Leo Gorcey’s schtick was that he always tried to come off smarter and better educated than he actually was. The result was a non-stop flow of spoken malaprops that only became funnier to some of us as we aged, read more, and learned to recognize better what he was doing.


(1) Slip (Leo Gorcey) wants to butt into a conversation, so he says, “Pardon me for protrudin’!”

(2) Slip to Louie (regarding his soda tab): “I’d love to pay somethin’ on the bill, Louie, but today my funds are a little bit constipated.”

(3) Slip’s financial plan: “OK, boys, empty your pockets. Let’s pool our money and catapult it into something safe that pays well.”

(4) Slip, on making friends with a guy he doesn’t trust: ” My happiness over our new friendship is only surpassed by my mortification over the idea.”

(5) Slip to receptionist over the phone: “Let me speak to Mr. Smith right away. What I have to say to him is rather impertinent.”

Somehow, most of us who grew up in the Houston East End on a steady diet of Bowery Boys and Charlie Chan films actually reached adulthood without a warped sense of word meaning and with no impairment to our skills for proper contextual  application of certain words.

Have a nice Saturday brunch or lunch, everybody, and may whatever you order come packed with a delirious taste. If you think of what you really want to eat hard enough today  before you trace your order, your compensation will be rewarded in a way that feels desultory.

Have fun! Life’s short! (I don’t have a way to misstate those two sentences.)

Movie Review: The Wolfman.

February 20, 2010

Lon Chaney, Jr. (1941)

Benecio Del Toro (2010)

My adult son Neal and I went to see the new version of “The Wolfman” yesterday. As a lifelong fan of the classic horror films, I could not have missed it for anything, although I must admit to some expectation of disappointment that I carried with me into the Cinemark Theatre at Memorial City Mall. The great early Karloff, Lugosi, and Chaney flicks about Frankenstein, Dracula, and The Wolfman all had that beautifully seductive storyline and the measured pandering to our fear of the unknown going for them to make them great. Modern horror films too often give way quickly to “slash and claw” scenes of nauseating visual results. They also have those animated wonders of modern technology going for them full speed in place of plot quite often too. There is usually nothing mysterious about them. Once the gore starts, it doesn’t stop. It’s as though the young producers play every new horror movie to an audience they assume suffers from a group infection of attention deficit disorder.  They assume that there  has to be a kill or a sight-thrill every fifteen seconds just to keep the audience from walking out.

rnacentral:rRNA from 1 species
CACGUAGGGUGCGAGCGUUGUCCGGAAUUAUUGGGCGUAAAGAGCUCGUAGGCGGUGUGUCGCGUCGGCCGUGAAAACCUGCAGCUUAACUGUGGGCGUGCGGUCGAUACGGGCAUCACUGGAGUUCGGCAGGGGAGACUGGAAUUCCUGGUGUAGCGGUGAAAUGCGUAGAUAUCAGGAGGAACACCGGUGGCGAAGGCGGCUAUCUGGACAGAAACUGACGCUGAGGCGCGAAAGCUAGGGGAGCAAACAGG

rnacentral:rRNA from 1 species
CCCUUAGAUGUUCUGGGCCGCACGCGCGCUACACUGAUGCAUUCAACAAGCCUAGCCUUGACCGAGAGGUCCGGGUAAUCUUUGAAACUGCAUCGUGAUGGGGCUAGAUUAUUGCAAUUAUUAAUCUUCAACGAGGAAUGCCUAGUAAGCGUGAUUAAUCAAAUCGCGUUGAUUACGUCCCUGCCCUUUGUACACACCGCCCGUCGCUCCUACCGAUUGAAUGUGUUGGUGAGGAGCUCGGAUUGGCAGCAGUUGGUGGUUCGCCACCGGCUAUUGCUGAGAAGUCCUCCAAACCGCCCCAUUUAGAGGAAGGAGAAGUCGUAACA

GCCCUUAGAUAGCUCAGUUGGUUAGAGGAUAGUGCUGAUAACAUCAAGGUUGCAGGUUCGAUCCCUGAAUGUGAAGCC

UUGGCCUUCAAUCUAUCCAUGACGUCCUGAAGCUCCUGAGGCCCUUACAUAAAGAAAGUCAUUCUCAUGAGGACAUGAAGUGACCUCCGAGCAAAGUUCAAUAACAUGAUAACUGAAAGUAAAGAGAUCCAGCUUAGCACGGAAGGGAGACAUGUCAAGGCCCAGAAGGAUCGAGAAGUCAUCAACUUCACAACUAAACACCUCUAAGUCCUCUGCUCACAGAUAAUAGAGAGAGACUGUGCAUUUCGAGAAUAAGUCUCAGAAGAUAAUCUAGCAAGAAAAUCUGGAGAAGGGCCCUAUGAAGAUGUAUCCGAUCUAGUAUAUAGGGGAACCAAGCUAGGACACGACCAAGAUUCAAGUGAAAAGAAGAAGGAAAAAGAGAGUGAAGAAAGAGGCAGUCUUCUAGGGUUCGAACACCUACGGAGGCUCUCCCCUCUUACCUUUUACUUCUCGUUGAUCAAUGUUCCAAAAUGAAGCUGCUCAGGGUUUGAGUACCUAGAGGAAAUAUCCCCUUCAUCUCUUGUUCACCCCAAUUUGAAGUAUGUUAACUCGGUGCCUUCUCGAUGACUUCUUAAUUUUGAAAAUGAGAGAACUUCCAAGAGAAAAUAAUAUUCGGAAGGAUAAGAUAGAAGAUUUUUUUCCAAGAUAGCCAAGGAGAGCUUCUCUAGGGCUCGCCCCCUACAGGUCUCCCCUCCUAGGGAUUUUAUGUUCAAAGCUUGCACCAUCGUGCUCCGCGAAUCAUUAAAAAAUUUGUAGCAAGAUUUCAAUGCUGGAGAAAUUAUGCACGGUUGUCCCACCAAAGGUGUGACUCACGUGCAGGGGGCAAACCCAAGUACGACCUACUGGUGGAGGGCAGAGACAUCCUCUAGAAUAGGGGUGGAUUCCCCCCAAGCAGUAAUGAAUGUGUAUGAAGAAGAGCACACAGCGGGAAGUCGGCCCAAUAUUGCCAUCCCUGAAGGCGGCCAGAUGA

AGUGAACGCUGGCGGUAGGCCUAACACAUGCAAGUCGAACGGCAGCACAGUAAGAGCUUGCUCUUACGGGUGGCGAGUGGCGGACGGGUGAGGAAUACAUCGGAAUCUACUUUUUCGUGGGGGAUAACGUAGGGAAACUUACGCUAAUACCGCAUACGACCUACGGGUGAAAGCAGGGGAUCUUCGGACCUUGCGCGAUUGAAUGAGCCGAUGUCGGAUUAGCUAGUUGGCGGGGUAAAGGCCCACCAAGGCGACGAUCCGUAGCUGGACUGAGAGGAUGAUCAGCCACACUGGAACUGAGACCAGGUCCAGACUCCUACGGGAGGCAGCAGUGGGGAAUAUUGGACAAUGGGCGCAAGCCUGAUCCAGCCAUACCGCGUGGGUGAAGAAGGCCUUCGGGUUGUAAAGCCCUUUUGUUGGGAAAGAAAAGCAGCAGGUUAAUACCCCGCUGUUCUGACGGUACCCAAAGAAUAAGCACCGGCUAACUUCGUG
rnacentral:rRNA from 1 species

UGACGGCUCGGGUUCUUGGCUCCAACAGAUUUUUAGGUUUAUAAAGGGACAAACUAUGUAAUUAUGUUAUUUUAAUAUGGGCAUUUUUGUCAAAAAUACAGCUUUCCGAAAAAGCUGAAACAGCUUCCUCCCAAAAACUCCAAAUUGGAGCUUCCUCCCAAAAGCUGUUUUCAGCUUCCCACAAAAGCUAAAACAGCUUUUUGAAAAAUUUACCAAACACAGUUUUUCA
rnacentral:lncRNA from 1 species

I won’t spoil the plot for you here, but I will comment on certain elements – and how they registered with me. First of all, you go to a new movie like “The Wolfman”  knowing that most films today are produced for younger audiences. That’s why we older folks have Turner Classic Movies on its own cable channel. Other than a few people like Martin Scorsese, older Americans are the forgotten consumer group in the new American cinema.

“The Wolfman” wasn’t bad. It gave much more attention to storyline and the dysfunctional history of the Talbot family than the 1941 Chaney version ever did. Benecio Del Toro was terrific as Lawrence Talbot, the man who gets bitten into becoming a werewolf and, of course, Sir Anthony Hopkins is his usual brilliant self as Lawrence’s emotionally distant father, Sir John Talbot, the Lord of the grisly looking Talbot Manor in rural England. Emily Blunt is fine as Gwen Conliffe, the grieving former fiance of Lawrence’s murdered-in-the-forest-and-moors-under-the-full-moon brother, Ben Talbot.

The time is 1891. Lawrence Talbot is a succesful actor in New York after being raised in America from the time he was a small boy, following the throat-slashing murder of his mother back at the English manor. His older brother Ben remains there and is raised by their father. Lawrence is called back to England by a letter from Gwen when Ben turns up missing. Lawrence returns to find that his brother had been savagely murdered in the forest under the full moon by either an unheard of animal or an extremely crazed human. The movie unfolds from there. I will not ruin the rest for you with further specific comment on the plotline, except to say that it contains a new twist in the old tale.